Asteroid news: A new study suggests space rock impacts ’can help the environment’
Asteroids upset the environment and provide clues via the elements they leave behind. Asteroid experts have now linked elements that are enriched in the Cretaceous–Paleogene (KPg) boundary clays from Stevns Klint, Denmark, to the impact of the asteroid that produced the Chicxulub crater at the Yucatán Peninsula, Mexico.
Components might have been induced by processes related to the asteroid impac
The findings offer evidence of which processes lead to enrichment of these types of elements—an understanding that may be applied to other geological boundary events as well.
University of Tsukuba researchers analysed the concentrations of certain elements within the KPg boundary clays—such as copper, silver, and lead—to determine which processes led to the element enrichment after the end-Cretaceous asteroid impact.
Two enriched components were found in the boundary layer, each with distinctly different compositions of elements.
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One component was incorporated in the mineral pyrite, whereas the other component was not related to pyrite.
Professor Teruyuki Maruoka, the study’s first author said: “Since the enrichments of elements in these two components of the boundary clay were accompanied by enrichments of iridium, both components might have been induced by processes related to the asteroid impact.”
Iron oxides/hydroxides acted as a carrier phase that supplied chalcophile elements – concentrated in sulfide minerals – to the KPg boundary clays on the sea floor.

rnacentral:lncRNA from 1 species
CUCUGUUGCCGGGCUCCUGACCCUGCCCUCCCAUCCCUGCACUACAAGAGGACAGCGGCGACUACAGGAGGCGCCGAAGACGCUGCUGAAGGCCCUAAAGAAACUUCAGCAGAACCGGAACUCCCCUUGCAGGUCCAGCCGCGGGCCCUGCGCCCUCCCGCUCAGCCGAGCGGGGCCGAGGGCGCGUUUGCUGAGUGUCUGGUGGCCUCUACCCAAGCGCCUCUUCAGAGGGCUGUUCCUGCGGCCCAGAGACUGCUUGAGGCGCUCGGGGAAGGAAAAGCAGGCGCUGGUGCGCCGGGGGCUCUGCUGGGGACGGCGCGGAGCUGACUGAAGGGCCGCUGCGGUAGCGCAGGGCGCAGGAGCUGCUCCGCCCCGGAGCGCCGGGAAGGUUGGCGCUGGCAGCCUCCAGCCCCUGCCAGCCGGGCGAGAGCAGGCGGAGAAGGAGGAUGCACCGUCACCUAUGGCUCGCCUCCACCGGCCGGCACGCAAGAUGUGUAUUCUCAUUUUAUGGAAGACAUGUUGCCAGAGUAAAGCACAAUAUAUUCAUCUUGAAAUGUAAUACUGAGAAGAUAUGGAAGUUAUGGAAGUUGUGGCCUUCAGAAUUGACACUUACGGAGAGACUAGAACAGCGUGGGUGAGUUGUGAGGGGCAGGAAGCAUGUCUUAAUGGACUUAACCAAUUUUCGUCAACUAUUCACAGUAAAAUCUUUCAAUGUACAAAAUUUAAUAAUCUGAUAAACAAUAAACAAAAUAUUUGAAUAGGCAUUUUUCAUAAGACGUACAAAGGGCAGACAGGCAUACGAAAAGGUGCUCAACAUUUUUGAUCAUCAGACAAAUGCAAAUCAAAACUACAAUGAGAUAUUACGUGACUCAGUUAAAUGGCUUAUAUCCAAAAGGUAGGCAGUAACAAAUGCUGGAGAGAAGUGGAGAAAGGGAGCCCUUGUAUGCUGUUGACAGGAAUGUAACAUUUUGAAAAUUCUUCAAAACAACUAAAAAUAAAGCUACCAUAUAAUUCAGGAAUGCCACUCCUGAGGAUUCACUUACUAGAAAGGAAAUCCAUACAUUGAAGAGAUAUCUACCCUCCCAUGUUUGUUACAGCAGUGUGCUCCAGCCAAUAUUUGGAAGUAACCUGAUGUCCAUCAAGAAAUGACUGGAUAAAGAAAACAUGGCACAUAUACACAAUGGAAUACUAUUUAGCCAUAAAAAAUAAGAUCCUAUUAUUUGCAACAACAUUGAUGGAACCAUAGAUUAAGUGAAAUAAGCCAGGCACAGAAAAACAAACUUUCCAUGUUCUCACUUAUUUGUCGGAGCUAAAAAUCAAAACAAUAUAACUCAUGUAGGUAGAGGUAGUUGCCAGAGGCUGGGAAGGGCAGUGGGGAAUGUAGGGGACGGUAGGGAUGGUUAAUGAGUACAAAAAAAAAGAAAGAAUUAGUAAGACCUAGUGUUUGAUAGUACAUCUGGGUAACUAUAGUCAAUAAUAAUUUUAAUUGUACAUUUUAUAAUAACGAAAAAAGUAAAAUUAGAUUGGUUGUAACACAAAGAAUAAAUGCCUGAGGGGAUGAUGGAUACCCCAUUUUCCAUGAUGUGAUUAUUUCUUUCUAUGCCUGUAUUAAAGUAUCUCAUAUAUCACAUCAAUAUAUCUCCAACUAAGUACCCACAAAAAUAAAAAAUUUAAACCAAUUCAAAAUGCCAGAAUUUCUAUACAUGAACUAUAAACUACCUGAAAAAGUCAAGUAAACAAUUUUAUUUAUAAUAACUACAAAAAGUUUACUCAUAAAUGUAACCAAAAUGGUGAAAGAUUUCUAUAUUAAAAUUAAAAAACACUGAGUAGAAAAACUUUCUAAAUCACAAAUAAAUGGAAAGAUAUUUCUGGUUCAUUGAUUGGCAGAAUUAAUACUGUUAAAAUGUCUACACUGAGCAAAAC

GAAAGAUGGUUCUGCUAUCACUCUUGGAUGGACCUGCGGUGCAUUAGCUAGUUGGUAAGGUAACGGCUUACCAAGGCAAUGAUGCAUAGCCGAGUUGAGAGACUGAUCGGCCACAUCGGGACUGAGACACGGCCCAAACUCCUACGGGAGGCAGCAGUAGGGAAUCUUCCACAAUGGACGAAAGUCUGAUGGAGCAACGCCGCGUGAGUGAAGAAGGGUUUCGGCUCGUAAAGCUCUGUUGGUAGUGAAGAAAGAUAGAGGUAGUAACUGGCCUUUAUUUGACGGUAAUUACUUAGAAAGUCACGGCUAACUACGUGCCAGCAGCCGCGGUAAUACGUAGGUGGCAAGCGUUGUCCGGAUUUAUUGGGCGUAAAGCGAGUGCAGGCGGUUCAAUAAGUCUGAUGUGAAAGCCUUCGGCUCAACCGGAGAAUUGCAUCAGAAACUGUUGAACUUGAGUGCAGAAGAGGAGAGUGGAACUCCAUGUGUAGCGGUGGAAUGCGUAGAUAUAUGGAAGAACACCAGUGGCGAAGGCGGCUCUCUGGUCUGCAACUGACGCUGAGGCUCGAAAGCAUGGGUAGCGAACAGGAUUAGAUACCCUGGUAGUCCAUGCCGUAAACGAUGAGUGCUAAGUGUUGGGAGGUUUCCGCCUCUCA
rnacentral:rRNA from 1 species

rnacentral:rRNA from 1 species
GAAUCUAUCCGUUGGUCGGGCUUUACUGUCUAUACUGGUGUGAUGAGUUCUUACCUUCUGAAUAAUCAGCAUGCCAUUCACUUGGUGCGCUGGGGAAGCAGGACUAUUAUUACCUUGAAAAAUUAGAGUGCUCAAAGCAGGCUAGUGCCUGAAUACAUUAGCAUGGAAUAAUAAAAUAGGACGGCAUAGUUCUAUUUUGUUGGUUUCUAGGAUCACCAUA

The resulting vapour cloud of the asteroid impact produced iron oxides/hydroxides, which could have carried chalcophile elements in oceans and been the source of iron in the pyrite grains holding chalcophile elements.
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“Furthermore, both iron oxides/hydroxides and chalcophile elements could have been released to the environment from the rocks that were struck by the asteroid impact.”
Additionally, organic matter in the oceans could have accumulated copper and silver.
As such matter degraded on the sea floor, it could have released these elements, which then formed copper – or silver-enriched grains in the KPg boundary clays.
This, in turn, may have led to the formation of discrete grains that differ from pyrite.
Acid rain that occurred after the end-Cretaceous asteroid impact could have supplied elements such as copper, silver, and lead to the ocean, as these elements are typical constituents of acid-soluble sulfides and were enriched in the second chalcophile component not related to pyrite.
These findings will hopefully provide further avenues to increase our understanding of the events around the end-Cretaceous impact, and potentially other major boundary events.